Builder Pattern—Design Pattern in Plain English for Developers

Nagaraj Tantri
3 min readJan 16, 2022

Lets say you have an user interface to fetch the data for showing an advertisement campaign dashboard, that looks something like this

Simple UI to capture the details for a advertising data

If you observe closely this dashboard has a set of inputs/controls:

  • Mandatory parameters — like Advertiser, Campaign, Start Date & End Date
  • Optional parameters — like Exclude In-Active Users, Limit Data, Budget, Compare with Competitors.
  • Button to fetch & Graphs to display — An action and a result

Now, think how can we represent this data operation in our code (assume like using Java to store data).

Immediately, the usual thing that comes to our mind is to represent all the above parameters as a class object and then perform the action. A typical class that looks like:

Typical Class to Hold the Data from UI

You see the pattern, multiple constructors to ensure that we can handle optional parameters. Also, ensuring to have so many setters to provide access to set the data.

What is the drawback/problems of the above usage?

  • Too many Constructors: Different types of constructors to support optional parameters. For example:
Constructors are going to be painful to handle and remember the options
  • Object Setters (too many modifications): Maintaining the setters to allow/not allow parameters becomes very tedious. What if you want to make it immutable? Then again option one, i.e, constructor
  • Open/Close principle violation: The more optional parameters comes along, we need to adjust the object creation logic.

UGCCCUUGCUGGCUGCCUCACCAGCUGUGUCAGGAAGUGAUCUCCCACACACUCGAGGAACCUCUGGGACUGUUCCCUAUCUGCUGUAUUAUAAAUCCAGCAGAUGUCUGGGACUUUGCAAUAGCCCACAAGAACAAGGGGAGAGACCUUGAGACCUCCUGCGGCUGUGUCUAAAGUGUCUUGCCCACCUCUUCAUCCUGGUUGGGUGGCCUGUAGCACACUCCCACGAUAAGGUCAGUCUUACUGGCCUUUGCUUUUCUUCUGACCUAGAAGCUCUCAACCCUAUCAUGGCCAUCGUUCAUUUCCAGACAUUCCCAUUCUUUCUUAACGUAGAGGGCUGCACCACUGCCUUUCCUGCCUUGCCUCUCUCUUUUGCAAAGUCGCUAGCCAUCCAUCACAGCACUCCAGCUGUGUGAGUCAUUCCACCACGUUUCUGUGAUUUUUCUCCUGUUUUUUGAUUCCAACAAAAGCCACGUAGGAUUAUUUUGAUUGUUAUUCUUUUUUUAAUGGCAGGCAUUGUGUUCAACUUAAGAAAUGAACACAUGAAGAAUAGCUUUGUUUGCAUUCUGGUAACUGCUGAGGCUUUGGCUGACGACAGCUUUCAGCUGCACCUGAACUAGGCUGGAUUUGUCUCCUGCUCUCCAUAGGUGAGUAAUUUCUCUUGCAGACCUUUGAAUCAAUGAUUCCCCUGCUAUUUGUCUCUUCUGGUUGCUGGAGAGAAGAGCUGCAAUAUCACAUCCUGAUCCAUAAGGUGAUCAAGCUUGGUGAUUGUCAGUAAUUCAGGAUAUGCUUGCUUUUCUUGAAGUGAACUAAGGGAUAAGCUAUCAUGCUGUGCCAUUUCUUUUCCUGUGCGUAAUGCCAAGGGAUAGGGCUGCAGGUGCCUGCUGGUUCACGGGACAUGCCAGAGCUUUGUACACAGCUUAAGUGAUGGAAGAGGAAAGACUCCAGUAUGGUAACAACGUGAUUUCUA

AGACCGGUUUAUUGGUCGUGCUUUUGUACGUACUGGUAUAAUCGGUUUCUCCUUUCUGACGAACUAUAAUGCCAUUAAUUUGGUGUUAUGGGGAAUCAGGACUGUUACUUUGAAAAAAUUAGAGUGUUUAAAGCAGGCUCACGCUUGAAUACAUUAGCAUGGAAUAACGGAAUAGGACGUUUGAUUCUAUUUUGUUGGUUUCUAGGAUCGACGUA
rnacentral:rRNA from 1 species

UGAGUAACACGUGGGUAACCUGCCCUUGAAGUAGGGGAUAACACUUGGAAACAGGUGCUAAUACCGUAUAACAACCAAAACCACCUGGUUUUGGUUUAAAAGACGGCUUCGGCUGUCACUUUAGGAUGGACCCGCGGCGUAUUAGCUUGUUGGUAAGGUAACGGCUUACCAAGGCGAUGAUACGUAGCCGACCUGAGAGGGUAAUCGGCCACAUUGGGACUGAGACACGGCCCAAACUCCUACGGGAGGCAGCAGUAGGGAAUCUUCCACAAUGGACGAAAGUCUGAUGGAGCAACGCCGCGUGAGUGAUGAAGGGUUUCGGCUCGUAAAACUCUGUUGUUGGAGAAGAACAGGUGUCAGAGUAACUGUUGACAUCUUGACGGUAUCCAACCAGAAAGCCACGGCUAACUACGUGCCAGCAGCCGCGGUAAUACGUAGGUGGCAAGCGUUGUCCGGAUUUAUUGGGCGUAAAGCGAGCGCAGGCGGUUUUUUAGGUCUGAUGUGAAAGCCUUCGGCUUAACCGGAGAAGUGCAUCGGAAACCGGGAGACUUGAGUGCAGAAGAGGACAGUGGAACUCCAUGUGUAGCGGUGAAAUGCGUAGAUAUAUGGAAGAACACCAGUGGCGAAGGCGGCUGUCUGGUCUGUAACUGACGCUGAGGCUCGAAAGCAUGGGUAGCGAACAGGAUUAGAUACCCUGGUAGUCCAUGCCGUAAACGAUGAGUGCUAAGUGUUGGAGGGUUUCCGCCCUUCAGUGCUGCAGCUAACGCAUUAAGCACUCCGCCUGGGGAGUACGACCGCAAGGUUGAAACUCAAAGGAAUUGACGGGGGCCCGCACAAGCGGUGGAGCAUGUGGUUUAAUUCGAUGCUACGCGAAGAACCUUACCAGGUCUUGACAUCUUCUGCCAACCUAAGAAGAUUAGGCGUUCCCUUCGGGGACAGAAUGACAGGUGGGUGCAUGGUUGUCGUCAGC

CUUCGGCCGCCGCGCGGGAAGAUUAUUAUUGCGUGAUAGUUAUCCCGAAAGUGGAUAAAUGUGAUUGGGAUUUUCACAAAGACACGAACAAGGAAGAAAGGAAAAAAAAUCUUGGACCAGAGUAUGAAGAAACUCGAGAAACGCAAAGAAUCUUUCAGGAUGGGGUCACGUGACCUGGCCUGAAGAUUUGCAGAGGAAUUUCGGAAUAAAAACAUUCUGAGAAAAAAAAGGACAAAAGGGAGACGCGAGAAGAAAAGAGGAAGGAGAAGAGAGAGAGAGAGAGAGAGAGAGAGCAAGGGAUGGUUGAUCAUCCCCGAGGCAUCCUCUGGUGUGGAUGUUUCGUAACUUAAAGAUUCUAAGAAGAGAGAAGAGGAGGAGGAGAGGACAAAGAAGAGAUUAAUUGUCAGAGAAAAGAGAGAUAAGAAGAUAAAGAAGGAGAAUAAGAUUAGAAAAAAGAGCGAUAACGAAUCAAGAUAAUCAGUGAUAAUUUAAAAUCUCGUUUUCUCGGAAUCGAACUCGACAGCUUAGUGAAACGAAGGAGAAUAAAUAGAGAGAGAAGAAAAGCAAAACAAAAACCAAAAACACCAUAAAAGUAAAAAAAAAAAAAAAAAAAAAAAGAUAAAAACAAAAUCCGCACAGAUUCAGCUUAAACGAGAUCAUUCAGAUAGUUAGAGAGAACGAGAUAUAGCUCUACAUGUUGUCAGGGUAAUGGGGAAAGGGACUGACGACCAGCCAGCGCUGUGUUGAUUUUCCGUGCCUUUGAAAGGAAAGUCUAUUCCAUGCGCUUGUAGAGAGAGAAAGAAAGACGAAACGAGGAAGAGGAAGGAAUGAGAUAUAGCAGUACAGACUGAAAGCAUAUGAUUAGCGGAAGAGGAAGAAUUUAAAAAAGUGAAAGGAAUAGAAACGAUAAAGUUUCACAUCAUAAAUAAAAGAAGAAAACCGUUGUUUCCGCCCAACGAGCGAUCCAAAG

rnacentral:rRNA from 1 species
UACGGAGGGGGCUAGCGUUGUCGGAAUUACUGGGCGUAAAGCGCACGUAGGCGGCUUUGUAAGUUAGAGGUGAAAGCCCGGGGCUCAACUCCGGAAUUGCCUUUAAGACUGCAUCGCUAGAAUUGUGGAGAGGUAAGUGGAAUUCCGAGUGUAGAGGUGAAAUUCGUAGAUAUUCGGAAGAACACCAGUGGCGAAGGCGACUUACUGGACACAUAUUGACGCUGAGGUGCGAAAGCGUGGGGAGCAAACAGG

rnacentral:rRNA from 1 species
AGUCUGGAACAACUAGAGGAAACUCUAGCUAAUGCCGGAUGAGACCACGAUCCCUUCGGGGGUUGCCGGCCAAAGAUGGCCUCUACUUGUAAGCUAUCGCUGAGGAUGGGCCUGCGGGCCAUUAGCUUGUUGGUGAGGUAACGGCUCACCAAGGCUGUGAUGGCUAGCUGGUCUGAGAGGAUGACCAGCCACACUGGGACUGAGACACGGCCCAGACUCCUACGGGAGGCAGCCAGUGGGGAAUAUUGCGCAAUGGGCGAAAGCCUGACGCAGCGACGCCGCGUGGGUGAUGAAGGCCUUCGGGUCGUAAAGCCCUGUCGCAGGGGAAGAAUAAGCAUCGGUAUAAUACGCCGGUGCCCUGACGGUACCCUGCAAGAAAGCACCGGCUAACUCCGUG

Is there a better way?

Yes, there is an awesome way and that is the Builder Pattern!

Builder Pattern

How does this work?

Choose the main constructor and build the object more effectively

So, as you see above, here’s the main highlight:

  • Immutable state: Once the object data is set, you can’t modify the data
  • Optional requirements of an object can be handled via better functional representations and easier to read
  • Open/Close principle of S.O.L.I.D principles is easy now, all you can do is modify and still is effective to extend the class with more functionality for optional parameters.
  • Default values to be added: It’s also easy to add default values like dontShowInActiveData
  • Neater call representation to ensure we don’t need object reference always

A builder pattern is very useful if we want to create different representations of a complex object or encapsulate creating and assembling the parts of a complex object in a separate Builder object. Hope this was useful! You can checkout this example in more detail in my GitHub repository:

Thanks for reading!